Ajay Devgn and R Madhavan lead 'Shaitaan', but script falls short | The Haunted Column

'Shaitaan' posters. Photo: IMDb

'Shaitaan' directed by Vikas Bahl and starring Ajay Devgn, R. Madhavan, Jyotika, and Janki Bodiwala, was released in theatres in March this year and recently made its debut on Netflix. The film, an adaptation of the 2023 Gujarati movie 'Vash', has garnered significant attention and success. The story revolves around a family that faces grave danger when a man uses black magic on their daughter, forcing her to obey his commands in an attempt to blackmail her parents into surrendering her to him. R. Madhavan plays Vanraj, the sinister practitioner of black magic. Ajay Devgn and Jyotika play the parents, Kabir and Jyoti, while Janki Bodiwala takes on the role of the daughter, Janhvi.

Despite its popularity, the movie has received mixed reviews, being considered a decent watch but with notable flaws.
The movie had all the elements of a good horror thriller: strong performances and an effective plot, at least in the first half. Initially, the story is engaging and well-structured, but it succumbs to Bollywood clichés in the second half. Since many have likely seen the movie by now, let's dive into it with spoilers.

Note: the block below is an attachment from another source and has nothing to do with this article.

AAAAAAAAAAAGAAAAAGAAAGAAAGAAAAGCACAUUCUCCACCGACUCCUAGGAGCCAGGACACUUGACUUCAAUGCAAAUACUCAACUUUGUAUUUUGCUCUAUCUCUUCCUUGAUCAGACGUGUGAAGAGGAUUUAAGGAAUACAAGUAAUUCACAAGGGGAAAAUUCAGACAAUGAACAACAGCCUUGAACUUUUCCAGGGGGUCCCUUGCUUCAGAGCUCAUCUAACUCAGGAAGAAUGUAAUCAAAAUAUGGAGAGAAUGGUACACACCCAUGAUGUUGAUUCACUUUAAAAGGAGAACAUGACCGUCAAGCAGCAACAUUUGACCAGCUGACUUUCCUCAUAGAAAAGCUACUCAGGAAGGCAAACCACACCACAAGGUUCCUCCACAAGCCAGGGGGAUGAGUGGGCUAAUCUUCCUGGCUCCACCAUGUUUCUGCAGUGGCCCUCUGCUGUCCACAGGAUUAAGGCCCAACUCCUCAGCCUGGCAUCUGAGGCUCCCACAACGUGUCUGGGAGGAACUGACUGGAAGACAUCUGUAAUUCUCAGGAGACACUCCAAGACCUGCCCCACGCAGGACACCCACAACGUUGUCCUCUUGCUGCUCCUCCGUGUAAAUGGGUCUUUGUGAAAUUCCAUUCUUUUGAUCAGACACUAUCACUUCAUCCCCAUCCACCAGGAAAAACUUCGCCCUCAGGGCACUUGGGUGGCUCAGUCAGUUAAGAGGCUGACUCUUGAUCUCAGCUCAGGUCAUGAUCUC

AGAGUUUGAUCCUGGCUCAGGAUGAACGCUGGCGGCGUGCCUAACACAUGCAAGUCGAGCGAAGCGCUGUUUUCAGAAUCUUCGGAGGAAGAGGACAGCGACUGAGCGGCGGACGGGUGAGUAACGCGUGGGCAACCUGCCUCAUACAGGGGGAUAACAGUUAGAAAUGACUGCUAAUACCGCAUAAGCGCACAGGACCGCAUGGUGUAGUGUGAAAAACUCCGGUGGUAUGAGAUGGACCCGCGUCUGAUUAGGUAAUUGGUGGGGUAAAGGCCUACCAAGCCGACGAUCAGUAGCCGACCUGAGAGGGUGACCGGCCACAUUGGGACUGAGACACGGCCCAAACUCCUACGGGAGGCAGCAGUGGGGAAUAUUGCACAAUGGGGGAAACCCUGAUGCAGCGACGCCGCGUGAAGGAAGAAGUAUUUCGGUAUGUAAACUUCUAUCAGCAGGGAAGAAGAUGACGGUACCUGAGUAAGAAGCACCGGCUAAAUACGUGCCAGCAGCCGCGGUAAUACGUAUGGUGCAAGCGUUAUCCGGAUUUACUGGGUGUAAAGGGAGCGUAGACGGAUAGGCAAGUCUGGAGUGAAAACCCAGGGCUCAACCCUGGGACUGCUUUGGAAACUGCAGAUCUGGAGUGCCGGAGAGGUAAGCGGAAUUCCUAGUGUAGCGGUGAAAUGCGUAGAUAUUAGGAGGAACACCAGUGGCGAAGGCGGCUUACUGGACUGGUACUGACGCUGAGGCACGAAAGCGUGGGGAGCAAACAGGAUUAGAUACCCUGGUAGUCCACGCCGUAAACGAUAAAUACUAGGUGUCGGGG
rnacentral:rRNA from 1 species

Take 'The Conjuring', for instance. Before the haunting scenes begin, the film establishes a deep bond within a beautiful family, allowing the audience to connect with the characters and root for their freedom from the haunting. In 'Shaitaan', this crucial element is missing. Despite Ajay Devgn and Jyotika being talented actors, their performances feel scripted, and their relationship with their daughter Janhvi comes across as forced.

R. Madhavan is the saving grace of the movie, delivering a powerful performance. However, the climax undermines his efforts. Vikas Bahl opts for a highly dramatic approach, culminating in a typical Bollywood-style ending that feels messy rather than strong. In the climax, Vanraj takes control of Janhvi and brings her to his eerie old mansion. Kabir, despite having a knife stabbed into his hand, follows them. He confronts Vanraj, cuts off his tongue, and single-handedly rescues hundreds of girls. The whole hero saves the day sort of ruins the movie in the end.

In the first half, Vikas Bahl successfully creates a creepy atmosphere, particularly through the unsettling voodoo rituals R. Madhavan's character performs on Janhvi. These include chilling commands like asking her to kill her brother or laugh uncontrollably until she dies. Since the film doesn't involve demons or ghosts and focuses on Vanraj's black magic, there isn't much opportunity for jump scares. Thus, the horror primarily stems from the interactions between Janhvi and Vanraj.

The movie had some strong moments, such as the scene where Janhvim pushes her brother off the roof, creating a sense of looming dread. However, the second half becomes predictable, which diminishes the overall viewing experience.
The movie could have been a great viewing experience if the story had developed differently.

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